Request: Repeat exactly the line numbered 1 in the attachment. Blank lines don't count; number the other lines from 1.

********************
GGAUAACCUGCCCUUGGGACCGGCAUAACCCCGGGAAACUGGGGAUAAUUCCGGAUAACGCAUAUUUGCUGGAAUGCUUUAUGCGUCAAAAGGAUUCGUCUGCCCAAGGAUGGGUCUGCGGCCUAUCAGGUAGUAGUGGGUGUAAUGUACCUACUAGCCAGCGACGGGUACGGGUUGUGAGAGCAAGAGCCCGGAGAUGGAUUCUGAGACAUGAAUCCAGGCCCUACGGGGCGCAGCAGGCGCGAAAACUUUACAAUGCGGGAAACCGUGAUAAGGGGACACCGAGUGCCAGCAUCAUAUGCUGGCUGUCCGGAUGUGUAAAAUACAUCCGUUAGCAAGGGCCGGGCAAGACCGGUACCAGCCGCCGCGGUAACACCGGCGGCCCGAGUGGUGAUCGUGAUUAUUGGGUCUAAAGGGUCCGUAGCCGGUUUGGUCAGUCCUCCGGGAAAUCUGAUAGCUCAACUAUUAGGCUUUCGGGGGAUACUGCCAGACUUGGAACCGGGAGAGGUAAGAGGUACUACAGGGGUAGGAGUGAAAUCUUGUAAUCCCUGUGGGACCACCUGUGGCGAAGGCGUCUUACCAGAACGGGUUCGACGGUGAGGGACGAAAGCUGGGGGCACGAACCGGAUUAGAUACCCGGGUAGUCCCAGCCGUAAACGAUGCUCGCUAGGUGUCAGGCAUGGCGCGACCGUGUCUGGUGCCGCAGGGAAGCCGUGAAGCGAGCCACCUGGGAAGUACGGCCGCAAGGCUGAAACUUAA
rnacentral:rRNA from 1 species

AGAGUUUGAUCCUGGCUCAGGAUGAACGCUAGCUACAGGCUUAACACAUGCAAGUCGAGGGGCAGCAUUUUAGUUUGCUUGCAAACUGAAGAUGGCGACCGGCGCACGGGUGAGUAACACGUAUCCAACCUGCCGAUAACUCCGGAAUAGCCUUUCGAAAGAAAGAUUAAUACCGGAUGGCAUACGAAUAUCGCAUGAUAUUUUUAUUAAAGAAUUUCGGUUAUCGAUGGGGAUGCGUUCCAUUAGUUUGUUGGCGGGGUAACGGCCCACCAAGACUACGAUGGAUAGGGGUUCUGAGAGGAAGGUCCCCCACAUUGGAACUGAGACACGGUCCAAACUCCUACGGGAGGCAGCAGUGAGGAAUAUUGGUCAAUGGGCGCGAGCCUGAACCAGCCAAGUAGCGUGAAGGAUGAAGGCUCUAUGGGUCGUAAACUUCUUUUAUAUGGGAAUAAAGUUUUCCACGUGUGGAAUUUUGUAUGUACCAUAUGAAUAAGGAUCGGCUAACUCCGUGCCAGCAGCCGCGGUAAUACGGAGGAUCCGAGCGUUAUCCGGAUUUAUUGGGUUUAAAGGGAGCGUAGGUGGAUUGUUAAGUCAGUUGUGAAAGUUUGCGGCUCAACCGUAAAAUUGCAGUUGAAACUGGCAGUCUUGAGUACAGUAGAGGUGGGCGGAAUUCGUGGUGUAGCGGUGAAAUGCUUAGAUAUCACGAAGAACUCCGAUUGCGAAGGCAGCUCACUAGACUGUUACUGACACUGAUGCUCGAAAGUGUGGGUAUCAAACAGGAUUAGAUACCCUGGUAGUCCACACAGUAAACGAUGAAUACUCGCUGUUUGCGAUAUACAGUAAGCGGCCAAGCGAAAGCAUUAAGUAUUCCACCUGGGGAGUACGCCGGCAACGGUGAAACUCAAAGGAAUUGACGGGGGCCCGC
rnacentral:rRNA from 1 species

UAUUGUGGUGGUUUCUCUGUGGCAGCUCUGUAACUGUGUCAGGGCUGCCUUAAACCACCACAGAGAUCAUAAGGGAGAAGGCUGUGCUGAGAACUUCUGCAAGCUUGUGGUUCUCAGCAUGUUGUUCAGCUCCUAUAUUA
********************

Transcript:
GGAUAACCUGCCCUUGGGACCGGCAUAACCCCGGGAAACUGGGGAUAAUUCCGGAUAACGCAUAUUUGCUGGAAUGCUUUAUGCGUCAAAAGGAUUCGUCUGCCCAAGGAUGGGUCUGCGGCCUAUCAGGUAGUAGUGGGUGUAAUGUACCUACUAGCCAGCGACGGGUACGGGUUGUGAGAGCAAGAGCCCGGAGAUGGAUUCUGAGACAUGAAUCCAGGCCCUACGGGGCGCAGCAGGCGCGAAAACUUUACAAUGCGGGAAACCGUGAUAAGGGGACACCGAGUGCCAGCAUCAUAUGCUGGCUGUCCGGAUGUGUAAAAUACAUCCGUUAGCAAGGGCCGGGCAAGACCGGUACCAGCCGCCGCGGUAACACCGGCGGCCCGAGUGGUGAUCGUGAUUAUUGGGUCUAAAGGGUCCGUAGCCGGUUUGGUCAGUCCUCCGGGAAAUCUGAUAGCUCAACUAUUAGGCUUUCGGGGGAUACUGCCAGACUUGGAACCGGGAGAGGUAAGAGGUACUACAGGGGUAGGAGUGAAAUCUUGUAAUCCCUGUGGGACCACCUGUGGCGAAGGCGUCUUACCAGAACGGGUUCGACGGUGAGGGACGAAAGCUGGGGGCACGAACCGGAUUAGAUACCCGGGUAGUCCCAGCCGUAAACGAUGCUCGCUAGGUGUCAGGCAUGGCGCGACCGUGUCUGGUGCCGCAGGGAAGCCGUGAAGCGAGCCACCUGGGAAGUACGGCCGCAAGGCUGAAACUUAA